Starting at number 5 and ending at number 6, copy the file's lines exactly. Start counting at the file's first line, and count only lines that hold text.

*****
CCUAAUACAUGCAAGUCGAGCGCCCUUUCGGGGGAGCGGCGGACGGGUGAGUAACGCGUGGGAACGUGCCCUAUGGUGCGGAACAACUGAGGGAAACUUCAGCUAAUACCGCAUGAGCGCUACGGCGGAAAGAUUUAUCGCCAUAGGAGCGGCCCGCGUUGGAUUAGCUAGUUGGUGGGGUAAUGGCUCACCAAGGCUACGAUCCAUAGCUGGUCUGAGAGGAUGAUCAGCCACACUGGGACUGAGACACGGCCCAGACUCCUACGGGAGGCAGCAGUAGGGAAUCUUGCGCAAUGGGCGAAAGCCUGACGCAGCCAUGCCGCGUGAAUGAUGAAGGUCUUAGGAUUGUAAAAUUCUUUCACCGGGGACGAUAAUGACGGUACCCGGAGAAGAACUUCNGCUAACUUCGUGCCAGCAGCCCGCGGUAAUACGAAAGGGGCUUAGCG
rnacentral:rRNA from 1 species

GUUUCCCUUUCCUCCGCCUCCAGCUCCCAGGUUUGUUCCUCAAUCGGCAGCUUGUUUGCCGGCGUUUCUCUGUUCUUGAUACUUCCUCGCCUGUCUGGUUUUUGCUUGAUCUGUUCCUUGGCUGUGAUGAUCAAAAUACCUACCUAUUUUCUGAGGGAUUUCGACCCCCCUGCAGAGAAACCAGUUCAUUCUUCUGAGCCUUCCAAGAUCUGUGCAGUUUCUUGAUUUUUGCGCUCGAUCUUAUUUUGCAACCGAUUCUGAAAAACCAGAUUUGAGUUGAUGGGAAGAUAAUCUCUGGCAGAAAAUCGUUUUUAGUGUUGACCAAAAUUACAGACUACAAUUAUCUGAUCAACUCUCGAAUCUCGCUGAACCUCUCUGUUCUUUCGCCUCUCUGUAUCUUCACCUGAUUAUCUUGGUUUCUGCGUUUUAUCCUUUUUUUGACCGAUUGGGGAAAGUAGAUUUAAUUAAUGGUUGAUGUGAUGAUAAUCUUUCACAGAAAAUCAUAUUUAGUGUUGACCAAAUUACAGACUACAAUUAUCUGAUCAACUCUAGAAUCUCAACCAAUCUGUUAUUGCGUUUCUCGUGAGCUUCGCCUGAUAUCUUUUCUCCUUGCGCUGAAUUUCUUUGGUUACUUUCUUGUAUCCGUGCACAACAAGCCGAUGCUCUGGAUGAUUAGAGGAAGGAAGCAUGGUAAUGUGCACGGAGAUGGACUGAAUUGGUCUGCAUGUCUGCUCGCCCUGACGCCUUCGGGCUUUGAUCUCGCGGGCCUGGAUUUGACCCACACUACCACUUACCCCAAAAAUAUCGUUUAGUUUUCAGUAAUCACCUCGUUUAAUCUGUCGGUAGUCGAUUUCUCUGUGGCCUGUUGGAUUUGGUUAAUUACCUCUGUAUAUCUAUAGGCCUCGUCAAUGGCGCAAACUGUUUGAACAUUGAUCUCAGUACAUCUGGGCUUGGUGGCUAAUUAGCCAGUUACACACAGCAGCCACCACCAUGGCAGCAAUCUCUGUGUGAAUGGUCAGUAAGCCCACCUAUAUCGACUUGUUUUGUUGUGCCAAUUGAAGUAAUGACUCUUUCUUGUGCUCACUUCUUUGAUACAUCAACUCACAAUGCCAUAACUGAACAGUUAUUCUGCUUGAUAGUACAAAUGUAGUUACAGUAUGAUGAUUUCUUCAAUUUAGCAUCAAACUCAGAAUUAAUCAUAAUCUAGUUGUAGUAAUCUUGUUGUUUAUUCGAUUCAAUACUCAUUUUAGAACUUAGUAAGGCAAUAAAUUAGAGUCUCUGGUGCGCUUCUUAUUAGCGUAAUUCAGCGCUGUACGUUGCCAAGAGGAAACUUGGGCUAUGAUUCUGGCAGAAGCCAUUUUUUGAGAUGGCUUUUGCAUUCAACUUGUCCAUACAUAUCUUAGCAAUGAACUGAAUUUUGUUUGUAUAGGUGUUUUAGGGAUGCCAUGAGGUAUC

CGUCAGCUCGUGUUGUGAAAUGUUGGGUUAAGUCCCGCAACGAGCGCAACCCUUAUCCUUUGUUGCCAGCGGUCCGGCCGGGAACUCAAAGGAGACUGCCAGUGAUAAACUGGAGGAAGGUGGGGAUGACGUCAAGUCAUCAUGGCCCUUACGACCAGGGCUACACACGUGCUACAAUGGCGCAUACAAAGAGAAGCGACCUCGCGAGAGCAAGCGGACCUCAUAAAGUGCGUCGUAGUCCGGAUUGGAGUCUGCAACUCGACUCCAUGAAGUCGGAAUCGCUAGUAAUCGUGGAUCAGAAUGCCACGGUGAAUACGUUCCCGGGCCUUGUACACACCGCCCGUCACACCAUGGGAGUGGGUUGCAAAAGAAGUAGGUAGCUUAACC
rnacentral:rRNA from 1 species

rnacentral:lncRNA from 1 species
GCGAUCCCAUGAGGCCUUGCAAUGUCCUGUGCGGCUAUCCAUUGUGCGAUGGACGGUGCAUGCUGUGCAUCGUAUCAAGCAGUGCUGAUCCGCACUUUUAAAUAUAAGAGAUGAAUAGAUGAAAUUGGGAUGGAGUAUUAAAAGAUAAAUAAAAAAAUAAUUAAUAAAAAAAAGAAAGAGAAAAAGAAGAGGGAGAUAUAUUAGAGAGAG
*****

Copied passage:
rnacentral:rRNA from 1 species

rnacentral:lncRNA from 1 species